Oct. 6-12, 2000
Vol. 30, Issue 32
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IN THIS ISSUE
The magic of science - Science Day programs
U.Va. forwards 2001 budget request list to Richmond
Engineering wins NSF grant for nanoscale materials research
Program spotlights Virginia's African-American historical sites
Hot Links - Board of Visitors

Give us your feedback - Reader's survey

Virginia Film Festival gets in touch with our animal nature
Since U Asked ...
Board hashes out O-Hill dining plan
Fall Convocation opens Family Weekend
KCRC plans artistic birthday celebration
Harrison Awards aim to spark undergraduate research
TTI fellowship deadline Oct. 27
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The magic of science
Stephanie Gross
Physics lecturer Robert Watkins, left, shows children how a siphon works during a demonstration that was part of U.Va.'s Science Day programs Sept. 30. At right, third-year undergraduate Matthew Schiffler makes dry ice during the chemistry department's "Magic Show." The biology, mathematics, environmental sciences and astronomy departments also participated in the well-attended fair, for children of all ages. Science Day was sponsored by U.Va.'s Center for Science, Mathematics and Engineering Education and by Virginia National Bank.

U.Va. forwards 2001 budget request list to Richmond

By Dan Heuchert

The 2000-02 biennial budget took effect just three months ago, and the 2001 session of the Virginia General Assembly does not convene until January. But state agencies are now submitting their priority lists for budget changes they would like to see.

The Board of Visitors met by telephone Oct. 2 to approve the University's budget amendment requests, which were subsequently forwarded to Richmond. Among the top priorities were a proposal to allow the Medical Center to keep $4.4 million in interest, generated mainly by patient revenue, rather than turn it over to the state treasury; and $4 million in support for the Integrated Systems Project.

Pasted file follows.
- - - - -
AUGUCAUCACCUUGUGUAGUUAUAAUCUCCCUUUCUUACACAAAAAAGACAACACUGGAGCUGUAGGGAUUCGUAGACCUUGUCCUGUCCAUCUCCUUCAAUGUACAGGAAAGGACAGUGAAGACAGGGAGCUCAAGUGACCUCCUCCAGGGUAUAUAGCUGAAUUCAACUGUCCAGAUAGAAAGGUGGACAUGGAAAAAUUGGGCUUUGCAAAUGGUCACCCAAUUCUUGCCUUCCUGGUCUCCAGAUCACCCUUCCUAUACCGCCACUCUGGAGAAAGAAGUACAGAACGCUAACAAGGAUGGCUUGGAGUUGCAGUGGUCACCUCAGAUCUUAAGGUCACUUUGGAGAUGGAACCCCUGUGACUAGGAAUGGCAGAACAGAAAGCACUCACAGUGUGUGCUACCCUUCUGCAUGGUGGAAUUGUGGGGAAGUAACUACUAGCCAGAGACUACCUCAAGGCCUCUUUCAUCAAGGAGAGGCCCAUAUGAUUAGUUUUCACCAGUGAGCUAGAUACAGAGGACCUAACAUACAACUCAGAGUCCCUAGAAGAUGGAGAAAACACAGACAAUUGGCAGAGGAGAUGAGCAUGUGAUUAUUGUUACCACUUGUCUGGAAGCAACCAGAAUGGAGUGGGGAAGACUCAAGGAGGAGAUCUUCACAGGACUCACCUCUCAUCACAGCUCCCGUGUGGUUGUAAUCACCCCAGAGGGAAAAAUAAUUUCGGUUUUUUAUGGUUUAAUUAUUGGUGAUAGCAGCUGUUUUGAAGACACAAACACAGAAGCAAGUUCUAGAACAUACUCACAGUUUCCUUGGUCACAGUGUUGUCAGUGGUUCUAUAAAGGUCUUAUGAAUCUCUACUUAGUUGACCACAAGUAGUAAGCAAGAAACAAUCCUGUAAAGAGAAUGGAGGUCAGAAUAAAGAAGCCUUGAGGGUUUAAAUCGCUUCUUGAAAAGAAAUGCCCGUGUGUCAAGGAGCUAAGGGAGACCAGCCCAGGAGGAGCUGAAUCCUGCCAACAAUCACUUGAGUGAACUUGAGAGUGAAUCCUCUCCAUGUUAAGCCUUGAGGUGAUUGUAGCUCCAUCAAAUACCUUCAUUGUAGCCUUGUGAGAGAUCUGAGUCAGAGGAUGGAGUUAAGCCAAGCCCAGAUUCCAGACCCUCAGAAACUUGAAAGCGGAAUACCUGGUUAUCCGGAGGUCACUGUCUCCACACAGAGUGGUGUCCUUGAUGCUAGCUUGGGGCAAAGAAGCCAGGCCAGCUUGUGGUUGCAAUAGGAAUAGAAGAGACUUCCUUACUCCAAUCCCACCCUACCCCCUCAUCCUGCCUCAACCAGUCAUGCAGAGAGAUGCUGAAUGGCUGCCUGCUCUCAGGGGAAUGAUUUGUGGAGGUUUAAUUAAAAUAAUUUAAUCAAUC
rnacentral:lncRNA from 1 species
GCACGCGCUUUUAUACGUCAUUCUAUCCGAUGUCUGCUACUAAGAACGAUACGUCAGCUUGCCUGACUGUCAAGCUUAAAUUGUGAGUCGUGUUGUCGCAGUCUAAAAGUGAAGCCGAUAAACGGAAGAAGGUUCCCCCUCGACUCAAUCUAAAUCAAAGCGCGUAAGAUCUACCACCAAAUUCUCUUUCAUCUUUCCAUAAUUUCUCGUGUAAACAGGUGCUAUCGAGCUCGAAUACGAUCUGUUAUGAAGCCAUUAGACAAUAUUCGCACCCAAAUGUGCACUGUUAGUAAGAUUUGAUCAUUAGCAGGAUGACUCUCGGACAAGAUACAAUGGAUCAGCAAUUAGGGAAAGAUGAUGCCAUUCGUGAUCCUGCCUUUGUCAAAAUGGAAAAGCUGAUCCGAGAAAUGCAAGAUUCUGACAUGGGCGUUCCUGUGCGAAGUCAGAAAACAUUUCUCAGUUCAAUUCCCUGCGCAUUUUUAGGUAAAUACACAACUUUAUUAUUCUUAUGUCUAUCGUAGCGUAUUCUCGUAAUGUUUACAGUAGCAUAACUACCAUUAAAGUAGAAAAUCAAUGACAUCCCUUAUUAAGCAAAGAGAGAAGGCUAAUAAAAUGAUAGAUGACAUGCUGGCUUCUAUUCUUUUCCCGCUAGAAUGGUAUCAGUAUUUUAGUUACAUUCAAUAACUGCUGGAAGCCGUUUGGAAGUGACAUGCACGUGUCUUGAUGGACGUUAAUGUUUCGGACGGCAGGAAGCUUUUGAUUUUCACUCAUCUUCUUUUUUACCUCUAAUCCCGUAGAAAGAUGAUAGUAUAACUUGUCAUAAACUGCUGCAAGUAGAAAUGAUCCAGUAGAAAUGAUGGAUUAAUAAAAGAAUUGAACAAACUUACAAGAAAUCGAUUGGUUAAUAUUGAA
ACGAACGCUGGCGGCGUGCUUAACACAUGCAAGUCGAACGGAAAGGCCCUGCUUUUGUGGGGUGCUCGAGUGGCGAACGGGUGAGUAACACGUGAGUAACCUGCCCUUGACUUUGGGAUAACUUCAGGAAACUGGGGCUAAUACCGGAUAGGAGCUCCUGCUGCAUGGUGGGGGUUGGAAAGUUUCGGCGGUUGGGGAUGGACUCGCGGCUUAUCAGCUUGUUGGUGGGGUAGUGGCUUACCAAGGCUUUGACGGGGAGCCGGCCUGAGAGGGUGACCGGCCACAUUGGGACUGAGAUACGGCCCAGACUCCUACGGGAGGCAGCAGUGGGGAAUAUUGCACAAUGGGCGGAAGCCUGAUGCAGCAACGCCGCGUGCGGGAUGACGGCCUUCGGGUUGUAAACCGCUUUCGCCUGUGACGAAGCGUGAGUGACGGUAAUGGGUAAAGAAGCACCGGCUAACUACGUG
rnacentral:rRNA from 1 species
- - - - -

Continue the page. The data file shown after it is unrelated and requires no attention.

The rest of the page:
The requests fall into two general categories: those to be supported from state coffers, or the "general fund"; and "non-general fund" projects, paid for through other revenue streams. Many capital projects, to be funded through anticipated revenue or by donors, fall under the non-general fund heading, but the University still must receive state approval for the expenditures.

"Typically, we have a pretty good track record there," said Nancy Rivers, director of the Office of State Governmental Relations. Full story.


Engineering wins NSF grant for nanoscale materials research

By Charlotte Crystal

The U.Va. Engineering School has won a $5 million grant from the National Science Foundation to establish a new Center for Nanoscopic Design. It is one of four new NSF-funded Materials Research Science and Engineering centers nationwide that will explore innovative materials and further the integration of research and education in the field of materials science.

"We're pleased and gratified at this vote of confidence by the NSF," said Richard W. Miksad, dean of the School of Engineering and Applied Science. "Only 20 or so of these grants are in effect at any given time, and we were selected to receive one in vigorous competition with the nation's top research universities." 

The grant will strengthen U.Va.'s position at the forefront of materials research in areas ranging from novel electronic devices to fabrication of materials at the atomic level. It also will serve as an educational resource for both high school and university students, said Robert Hull, principal investigator and professor of materials science and engineering. Full story.

 

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Dan Heuchert
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Charlotte Crystal
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